New York Produce Exchange ia as fol
lows: Wheat, 64,1)88,605 bUHhela; corn,
City or Mexico, February 2 Gen.
Jackson, the United States Minister,
accompanied by his family and a num
ber of American friends, is traveling
through tbe State of Vera Cruz.
Jersey City, February 2. George
H. Farge and Joseph t'la-k, the latter
a boy of 10 years, who were bitten by
a St Bernard dog yesterday, will k e
sent to Paris to be treated by M. Pat
Louisville, Ky., February 2. James
Trabue, president of the Sinking Fund
Commissioners, aid one of the oldest
and moit prominent business men o!
Louisville, died this afternoon of ery
sipelas, aged eighty-four.
Sandoval, II1., February 2. Jamet
Aird a'tempted to cross the Ohio and
Mississippi railroad track with n tsara
of horses yesterday in fiont of a mov
ing train. The man and horses were
struck and instantly killed.
Kalamtaoo, Mich., February 2. Or
son K. Whit'oik, one of the wealthiest
and beet known farmers of Richland,
in this county, committed suicide this
morning by stabbing himself through
the heart with a dull butcher-knife.
New York, February 2. A Pott spe
cial from Halifax lays: "The suspen
sion of the Nova Scotia Sugar Refin
ing Company is announced, with lia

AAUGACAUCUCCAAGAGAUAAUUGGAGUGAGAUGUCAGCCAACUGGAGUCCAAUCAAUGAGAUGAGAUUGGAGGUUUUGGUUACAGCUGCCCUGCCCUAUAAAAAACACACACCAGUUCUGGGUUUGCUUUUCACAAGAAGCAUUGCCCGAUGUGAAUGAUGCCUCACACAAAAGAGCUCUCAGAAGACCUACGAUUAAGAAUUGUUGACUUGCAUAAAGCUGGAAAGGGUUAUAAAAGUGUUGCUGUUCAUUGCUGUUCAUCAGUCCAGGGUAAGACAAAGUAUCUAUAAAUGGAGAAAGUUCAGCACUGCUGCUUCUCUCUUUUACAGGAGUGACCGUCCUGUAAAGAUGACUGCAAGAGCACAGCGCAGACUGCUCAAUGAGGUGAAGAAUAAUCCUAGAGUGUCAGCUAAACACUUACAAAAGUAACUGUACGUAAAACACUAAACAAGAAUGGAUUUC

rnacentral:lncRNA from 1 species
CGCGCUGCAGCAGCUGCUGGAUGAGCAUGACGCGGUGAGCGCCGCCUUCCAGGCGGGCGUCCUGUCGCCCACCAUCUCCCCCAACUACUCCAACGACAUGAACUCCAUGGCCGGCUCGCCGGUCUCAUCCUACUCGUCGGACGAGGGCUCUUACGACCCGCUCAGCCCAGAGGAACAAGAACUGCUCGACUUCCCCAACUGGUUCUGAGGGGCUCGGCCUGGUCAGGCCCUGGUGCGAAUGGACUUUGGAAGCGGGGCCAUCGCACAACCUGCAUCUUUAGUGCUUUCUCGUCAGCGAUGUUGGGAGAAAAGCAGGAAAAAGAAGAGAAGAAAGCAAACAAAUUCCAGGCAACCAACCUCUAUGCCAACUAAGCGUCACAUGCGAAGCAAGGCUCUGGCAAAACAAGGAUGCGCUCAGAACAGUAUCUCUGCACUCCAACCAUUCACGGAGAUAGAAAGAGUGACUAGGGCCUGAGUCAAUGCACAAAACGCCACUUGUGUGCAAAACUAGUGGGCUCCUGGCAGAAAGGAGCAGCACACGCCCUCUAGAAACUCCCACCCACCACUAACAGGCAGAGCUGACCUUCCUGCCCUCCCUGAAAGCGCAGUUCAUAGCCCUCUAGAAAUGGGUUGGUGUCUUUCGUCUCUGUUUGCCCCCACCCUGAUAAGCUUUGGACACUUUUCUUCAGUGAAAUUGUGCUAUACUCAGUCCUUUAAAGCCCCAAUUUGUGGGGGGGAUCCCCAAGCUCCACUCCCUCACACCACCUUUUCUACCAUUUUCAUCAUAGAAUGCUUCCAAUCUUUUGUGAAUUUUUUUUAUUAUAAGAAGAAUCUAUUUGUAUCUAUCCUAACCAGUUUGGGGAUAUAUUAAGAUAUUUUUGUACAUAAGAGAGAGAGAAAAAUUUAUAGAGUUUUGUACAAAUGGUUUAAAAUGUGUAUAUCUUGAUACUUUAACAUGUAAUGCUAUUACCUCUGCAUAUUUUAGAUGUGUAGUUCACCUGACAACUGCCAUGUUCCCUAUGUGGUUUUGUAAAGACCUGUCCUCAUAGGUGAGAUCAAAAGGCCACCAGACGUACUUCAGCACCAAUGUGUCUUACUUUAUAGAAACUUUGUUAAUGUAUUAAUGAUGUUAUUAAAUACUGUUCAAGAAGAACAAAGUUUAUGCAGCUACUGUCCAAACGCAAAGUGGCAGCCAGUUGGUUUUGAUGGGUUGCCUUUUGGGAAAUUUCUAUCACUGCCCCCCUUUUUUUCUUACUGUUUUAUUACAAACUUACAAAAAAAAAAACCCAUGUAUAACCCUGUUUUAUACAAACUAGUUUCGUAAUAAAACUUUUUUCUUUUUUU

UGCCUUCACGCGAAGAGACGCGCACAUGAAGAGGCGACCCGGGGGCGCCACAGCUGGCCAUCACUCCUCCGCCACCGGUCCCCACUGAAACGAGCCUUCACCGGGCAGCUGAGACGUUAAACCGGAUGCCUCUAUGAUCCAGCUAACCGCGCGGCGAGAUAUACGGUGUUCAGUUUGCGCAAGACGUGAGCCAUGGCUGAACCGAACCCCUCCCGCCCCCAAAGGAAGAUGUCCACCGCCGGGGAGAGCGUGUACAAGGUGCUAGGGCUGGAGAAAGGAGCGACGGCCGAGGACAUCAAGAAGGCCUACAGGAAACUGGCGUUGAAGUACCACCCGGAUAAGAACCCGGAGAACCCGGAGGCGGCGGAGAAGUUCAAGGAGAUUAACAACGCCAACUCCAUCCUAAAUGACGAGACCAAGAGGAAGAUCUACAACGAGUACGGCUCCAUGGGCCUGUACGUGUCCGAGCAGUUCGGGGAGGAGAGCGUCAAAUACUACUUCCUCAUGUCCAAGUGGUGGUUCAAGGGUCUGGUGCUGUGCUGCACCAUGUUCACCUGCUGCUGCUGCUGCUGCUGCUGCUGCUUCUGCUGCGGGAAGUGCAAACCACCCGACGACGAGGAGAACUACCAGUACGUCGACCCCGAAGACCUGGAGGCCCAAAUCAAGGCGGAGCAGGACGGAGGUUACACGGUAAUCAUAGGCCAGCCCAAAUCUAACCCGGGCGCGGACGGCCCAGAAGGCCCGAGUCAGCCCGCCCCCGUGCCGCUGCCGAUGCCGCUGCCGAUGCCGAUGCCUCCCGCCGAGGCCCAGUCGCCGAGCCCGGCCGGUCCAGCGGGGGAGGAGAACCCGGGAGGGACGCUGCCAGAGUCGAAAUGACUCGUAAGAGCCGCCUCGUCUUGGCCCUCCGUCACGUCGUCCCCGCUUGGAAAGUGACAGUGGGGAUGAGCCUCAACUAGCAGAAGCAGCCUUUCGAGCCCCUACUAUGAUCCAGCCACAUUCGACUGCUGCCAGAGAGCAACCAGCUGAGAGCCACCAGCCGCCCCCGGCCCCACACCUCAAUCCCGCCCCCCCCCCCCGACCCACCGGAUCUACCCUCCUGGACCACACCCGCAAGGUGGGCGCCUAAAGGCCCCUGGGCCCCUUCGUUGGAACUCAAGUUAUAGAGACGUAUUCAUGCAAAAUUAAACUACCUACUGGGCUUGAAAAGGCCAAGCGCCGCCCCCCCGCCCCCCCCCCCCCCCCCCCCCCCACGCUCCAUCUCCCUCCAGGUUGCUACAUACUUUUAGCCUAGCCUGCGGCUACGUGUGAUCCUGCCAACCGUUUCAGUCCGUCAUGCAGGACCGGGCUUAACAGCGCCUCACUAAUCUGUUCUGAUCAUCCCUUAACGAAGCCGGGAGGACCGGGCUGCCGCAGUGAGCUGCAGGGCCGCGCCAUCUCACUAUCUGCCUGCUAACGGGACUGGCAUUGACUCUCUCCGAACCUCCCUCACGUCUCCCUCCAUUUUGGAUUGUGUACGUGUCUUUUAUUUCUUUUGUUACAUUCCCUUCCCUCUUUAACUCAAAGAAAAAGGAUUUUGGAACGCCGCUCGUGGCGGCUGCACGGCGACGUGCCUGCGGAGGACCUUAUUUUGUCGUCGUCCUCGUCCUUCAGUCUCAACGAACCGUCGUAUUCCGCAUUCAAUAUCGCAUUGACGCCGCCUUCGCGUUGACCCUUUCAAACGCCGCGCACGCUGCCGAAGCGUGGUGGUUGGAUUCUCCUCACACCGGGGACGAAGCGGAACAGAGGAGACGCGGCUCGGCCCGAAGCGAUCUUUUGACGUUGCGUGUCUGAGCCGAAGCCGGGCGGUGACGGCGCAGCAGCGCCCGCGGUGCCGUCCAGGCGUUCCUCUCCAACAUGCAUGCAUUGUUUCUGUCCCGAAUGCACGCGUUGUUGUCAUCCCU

bilities of 1500,000, of which $250,000
is due to the Merchants' Bank ot Hali
fax." St. John, N. B., February 2. At
Douglaetown, Annie Ramsey, aged
seven years, while coatting, slid into
the river. Her brother Robert, aged
nine years, and Harry Hutchinson, in
trying to save her, were also carried
into the river. All three were drowned.
Lebanon, Pa., February 2. By an
explosion of gas last night tbe Sheri
dan furnaces at Sheridan were burned.
The boiler-housee, stacks, trestles,
hoists, fourteen cars and engine-house
were destroyed. A large quantity of
coal is fctill burning. Loei about J30,
000. Titteburg, Pa., February 2. At a
deleeate convention of the coal miners
of Western Pennsylvania to-day, the
sea e of wasres presented to tbe opera
tors at the recent national conference
here was unanimously adopted. Dele
gt?s to the National Convention cf
Operators and Miners, which ia to bs
held at Columbus, O., oa the 2Sth
instant, were also elected.
Piaquemine, La., February 2,-Wm.
Smith and Bernie. Anselm, young men
of this place, hacra quarrel to-day and
undertook to settle it by fighting a
duel with revolvers. Eight shots were
fired. Smith received four wound,
note of them necetairiiy dinger ou.
Auselm est aped nnhnrt.
New fork, February 2. It was at
the office of the Mallory Steamship
Line to-day tbat the csmpany could
discover no decrease in its patronage
on account of the boycott against it by
the Knights of Labor at Galveston,
and that the demands f r 'longshore
men would net be grantsd.
Kansas City, Mo., February 2.
Thomas M. Turner, who has been on
trial some days in tne Criminal Court,
charged with, murdering Mrs. John
Conway and her daughter, Katie, four
months aw, wai acquitted to day, the
Court ordering the jury to retirn a
verdict of acquittal.
Mount Pleafaot, Pa., February 2.
The Hungarian coke-burners are still
in possession of the company's houses,
and are as firm as ever in their deter
mination to resiat eviction, which will
doubt'efs be enforced within a very
short time. A nnmber of works were
in operation to-day. A train-load of
foreign laborers for the Standard
Works arrived to-night.
PBOIEEBIXUI or TUB STATE
Large Rnmber of Bllla Introduced
and Keferred Adjonraed to